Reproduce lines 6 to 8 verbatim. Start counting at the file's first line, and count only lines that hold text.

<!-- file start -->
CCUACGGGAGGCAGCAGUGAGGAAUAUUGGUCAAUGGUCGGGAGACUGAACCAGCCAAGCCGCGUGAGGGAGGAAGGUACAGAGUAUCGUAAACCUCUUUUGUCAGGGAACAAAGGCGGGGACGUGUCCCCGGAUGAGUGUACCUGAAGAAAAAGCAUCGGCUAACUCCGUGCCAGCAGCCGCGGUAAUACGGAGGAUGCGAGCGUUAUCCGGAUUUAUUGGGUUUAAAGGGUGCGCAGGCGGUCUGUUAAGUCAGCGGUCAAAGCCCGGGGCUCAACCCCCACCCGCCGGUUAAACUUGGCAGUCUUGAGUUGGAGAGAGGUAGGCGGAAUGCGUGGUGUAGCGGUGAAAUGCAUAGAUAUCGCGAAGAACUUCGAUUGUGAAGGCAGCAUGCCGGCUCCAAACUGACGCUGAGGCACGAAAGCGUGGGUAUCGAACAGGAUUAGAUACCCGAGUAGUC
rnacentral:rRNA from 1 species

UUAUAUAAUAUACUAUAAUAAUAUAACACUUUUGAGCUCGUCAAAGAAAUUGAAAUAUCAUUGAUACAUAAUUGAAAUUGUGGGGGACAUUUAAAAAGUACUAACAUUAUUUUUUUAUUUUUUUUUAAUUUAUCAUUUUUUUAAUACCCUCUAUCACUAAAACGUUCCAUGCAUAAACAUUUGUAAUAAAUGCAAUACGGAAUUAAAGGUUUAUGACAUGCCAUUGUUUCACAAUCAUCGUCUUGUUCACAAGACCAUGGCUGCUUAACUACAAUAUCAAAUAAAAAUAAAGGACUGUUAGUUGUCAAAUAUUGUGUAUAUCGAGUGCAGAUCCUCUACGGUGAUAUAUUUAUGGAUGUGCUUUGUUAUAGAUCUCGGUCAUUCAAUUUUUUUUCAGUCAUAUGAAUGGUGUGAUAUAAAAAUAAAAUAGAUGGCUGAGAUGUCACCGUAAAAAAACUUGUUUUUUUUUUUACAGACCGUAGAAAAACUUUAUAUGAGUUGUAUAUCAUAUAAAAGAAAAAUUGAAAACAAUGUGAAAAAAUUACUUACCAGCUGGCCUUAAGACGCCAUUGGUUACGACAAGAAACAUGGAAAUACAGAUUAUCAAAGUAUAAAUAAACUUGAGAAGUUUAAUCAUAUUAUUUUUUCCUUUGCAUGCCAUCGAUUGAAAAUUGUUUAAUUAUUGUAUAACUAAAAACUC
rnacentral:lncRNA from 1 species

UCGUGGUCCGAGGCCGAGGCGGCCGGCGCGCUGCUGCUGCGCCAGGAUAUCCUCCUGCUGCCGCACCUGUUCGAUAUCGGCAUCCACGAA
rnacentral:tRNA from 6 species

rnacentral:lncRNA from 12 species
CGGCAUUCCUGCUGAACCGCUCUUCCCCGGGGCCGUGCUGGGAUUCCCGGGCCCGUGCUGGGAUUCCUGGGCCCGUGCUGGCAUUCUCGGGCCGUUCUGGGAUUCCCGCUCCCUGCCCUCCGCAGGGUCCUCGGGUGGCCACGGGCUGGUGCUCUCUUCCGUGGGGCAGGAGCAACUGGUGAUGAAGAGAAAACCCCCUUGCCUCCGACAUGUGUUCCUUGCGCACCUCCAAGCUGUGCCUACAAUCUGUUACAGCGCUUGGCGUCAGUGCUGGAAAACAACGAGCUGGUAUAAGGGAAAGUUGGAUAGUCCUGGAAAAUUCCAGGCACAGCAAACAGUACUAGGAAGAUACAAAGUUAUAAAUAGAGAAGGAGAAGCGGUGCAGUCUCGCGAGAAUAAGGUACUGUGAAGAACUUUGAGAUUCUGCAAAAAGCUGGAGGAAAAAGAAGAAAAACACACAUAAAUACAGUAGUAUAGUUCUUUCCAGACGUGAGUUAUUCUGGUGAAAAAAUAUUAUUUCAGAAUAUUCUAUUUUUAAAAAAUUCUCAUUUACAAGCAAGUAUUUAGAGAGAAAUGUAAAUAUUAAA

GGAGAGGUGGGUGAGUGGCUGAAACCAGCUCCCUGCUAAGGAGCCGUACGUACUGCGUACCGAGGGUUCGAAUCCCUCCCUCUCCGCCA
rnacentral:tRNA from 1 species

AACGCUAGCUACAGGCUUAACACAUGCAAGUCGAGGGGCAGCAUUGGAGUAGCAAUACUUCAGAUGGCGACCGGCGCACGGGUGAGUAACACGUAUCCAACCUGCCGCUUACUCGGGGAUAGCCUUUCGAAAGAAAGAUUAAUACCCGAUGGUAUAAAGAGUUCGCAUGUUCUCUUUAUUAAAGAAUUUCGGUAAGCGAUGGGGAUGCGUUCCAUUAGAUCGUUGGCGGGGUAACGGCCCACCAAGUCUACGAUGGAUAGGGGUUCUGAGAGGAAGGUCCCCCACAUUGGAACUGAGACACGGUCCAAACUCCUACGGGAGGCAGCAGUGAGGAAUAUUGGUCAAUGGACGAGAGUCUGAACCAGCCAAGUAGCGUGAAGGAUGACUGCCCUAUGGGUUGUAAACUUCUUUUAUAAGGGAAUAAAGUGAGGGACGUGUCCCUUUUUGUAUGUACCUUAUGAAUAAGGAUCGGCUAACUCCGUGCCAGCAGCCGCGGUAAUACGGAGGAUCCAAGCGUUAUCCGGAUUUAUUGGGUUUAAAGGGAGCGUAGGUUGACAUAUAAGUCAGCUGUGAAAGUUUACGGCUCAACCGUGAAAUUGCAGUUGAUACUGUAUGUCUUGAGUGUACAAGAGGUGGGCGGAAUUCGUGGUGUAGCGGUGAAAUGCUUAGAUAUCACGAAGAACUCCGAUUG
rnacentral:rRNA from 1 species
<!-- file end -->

rnacentral:tRNA from 6 species

rnacentral:lncRNA from 12 species
CGGCAUUCCUGCUGAACCGCUCUUCCCCGGGGCCGUGCUGGGAUUCCCGGGCCCGUGCUGGGAUUCCUGGGCCCGUGCUGGCAUUCUCGGGCCGUUCUGGGAUUCCCGCUCCCUGCCCUCCGCAGGGUCCUCGGGUGGCCACGGGCUGGUGCUCUCUUCCGUGGGGCAGGAGCAACUGGUGAUGAAGAGAAAACCCCCUUGCCUCCGACAUGUGUUCCUUGCGCACCUCCAAGCUGUGCCUACAAUCUGUUACAGCGCUUGGCGUCAGUGCUGGAAAACAACGAGCUGGUAUAAGGGAAAGUUGGAUAGUCCUGGAAAAUUCCAGGCACAGCAAACAGUACUAGGAAGAUACAAAGUUAUAAAUAGAGAAGGAGAAGCGGUGCAGUCUCGCGAGAAUAAGGUACUGUGAAGAACUUUGAGAUUCUGCAAAAAGCUGGAGGAAAAAGAAGAAAAACACACAUAAAUACAGUAGUAUAGUUCUUUCCAGACGUGAGUUAUUCUGGUGAAAAAAUAUUAUUUCAGAAUAUUCUAUUUUUAAAAAAUUCUCAUUUACAAGCAAGUAUUUAGAGAGAAAUGUAAAUAUUAAA